Share

Universal free Covid testing is set to be scrapped under the Government’s Rampdown plans.

Currently, anyone can request the delivery of free lateral flow tests to their homes, while those with symptoms are told to take free PCR tests, which are analysed in laboratories.

But a dossier leaked to the Mail on Sunday reveals that the Government is drawing up plans to scrap the hugely costly free tests. Instead, testing will be prioritised for the most ‘vulnerable’, including those in care homes and hospitals, and used to contain local outbreaks.

One document, written in September, shows how officials warned that the move could result in a stampede of families ‘stockpiling’ lateral flow tests. ‘There is a risk that a public announcement on the end of free testing provision could lead to stockpiling of tests or incentivise people to access free testing through symptomatic routes.

Universal free Covid testing is set to be scrapped under the Government's Rampdown plans

Universal free Covid testing is set to be scrapped under the Government's Rampdown plans

Universal free Covid testing is set to be scrapped under the Government’s Rampdown plans

Daily UK cases in the third wave peaked in July at 54,674 but then remained high for three months, hitting 52,009 on October 21. Since then the numbers fell steadily, before moving slightly upwards in recent days

Daily UK cases in the third wave peaked in July at 54,674 but then remained high for three months, hitting 52,009 on October 21. Since then the numbers fell steadily, before moving slightly upwards in recent days

Daily UK cases in the third wave peaked in July at 54,674 but then remained high for three months, hitting 52,009 on October 21. Since then the numbers fell steadily, before moving slightly upwards in recent days

The central planning assumption is known as 'leaving soon' and would have involved a peak in July of 65,000 cases a day, with 'modest levels' by October. In fact, all of the scenarios were wrong

The central planning assumption is known as 'leaving soon' and would have involved a peak in July of 65,000 cases a day, with 'modest levels' by October. In fact, all of the scenarios were wrong

The central planning assumption is known as ‘leaving soon’ and would have involved a peak in July of 65,000 cases a day, with ‘modest levels’ by October. In fact, all of the scenarios were wrong

Mr Johnson last week warned that 'storm clouds' are gathering over Europe and said cases could rise in the UK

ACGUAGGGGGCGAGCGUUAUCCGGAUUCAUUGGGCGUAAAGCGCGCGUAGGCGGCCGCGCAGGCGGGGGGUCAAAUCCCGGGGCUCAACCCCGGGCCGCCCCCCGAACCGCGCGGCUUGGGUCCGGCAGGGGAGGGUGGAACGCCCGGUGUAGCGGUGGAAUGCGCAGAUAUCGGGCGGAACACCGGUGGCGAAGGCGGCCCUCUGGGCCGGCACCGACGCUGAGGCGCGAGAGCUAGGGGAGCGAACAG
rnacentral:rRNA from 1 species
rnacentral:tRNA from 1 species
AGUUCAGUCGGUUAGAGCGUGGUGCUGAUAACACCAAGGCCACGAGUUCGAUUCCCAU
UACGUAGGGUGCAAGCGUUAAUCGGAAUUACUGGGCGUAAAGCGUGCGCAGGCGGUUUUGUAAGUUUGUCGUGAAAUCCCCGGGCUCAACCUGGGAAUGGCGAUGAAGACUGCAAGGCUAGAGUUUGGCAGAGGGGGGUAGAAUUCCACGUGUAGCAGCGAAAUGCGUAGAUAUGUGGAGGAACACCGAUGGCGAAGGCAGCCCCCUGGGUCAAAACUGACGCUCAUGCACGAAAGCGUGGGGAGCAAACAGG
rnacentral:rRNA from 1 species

Mr Johnson last week warned that 'storm clouds' are gathering over Europe and said cases could rise in the UK

Mr Johnson last week warned that ‘storm clouds’ are gathering over Europe and said cases could rise in the UK

Government officials also privately believe that a World Health Organisation target of having 70 per cent of the world vaccinated is 'unlikely to happen'. Nearly 80 countries, half of them in Africa, are set to miss a separate target of vaccinating 40 per cent of their population by the end of this year

Government officials also privately believe that a World Health Organisation target of having 70 per cent of the world vaccinated is 'unlikely to happen'. Nearly 80 countries, half of them in Africa, are set to miss a separate target of vaccinating 40 per cent of their population by the end of this year

Government officials also privately believe that a World Health Organisation target of having 70 per cent of the world vaccinated is ‘unlikely to happen’. Nearly 80 countries, half of them in Africa, are set to miss a separate target of vaccinating 40 per cent of their population by the end of this year

‘Any decision to charge for tests is likely to discourage the most vulnerable, including the poorest, from testing.’

The document also reveals that officials are preparing to kick-start a ‘private testing market’ in which companies will charge people for tests. About 500 firms offering 150 different testing products are already undergoing the accreditation process, the document states.

‘We have put in place a foundation for a regulated private market for both PCR and LFDs [lateral flow devices]… To mobilise a private market, we would need to signal publicly and directly a firm end date for universal free testing.’

Handing the whole lucrative testing regime over to private firms is likely to prove controversial. Currently, people have to pay for their own PCR tests for travel from the open market, which created a ‘Wild West’ of misleading advertising and inflated pricing.

Mass testing had been a critical part of Britain’s fight against the virus, but a damning report by MPs last month found that despite an ‘eye-watering’ £37 billion budget over two years, NHS Test and Trace has failed in its main objective of helping stop the virus spreading.

More than 691 million free lateral flow tests have been distributed in the past year but only 96 million of these – 14 per cent – have been used to register a test result with the NHS, the report by the Public Accounts Committee found.

France ended free tests last month and the six million adults there who are not vaccinated now have to pay between £18 and £37 per test.

Free tests were axed in Germany on October 11 and now cost £16. One option being considered in England is for the Government to initially charge people for tests, as early as January, before handing over to private firms.

Officials are also considering sweeping away regular testing in schools in the New Year as vaccination rates among pupils rise. Currently all secondary school and college students should take lateral flow tests at home twice a week.

Ministers have ruled that regular mass testing will last until at least the Christmas holidays but officials are considering whether to then ditch them in favour of targeted testing to manage local outbreaks.

Source: Daily Mail UK

Leave a Reply

Your email address will not be published. Required fields are marked *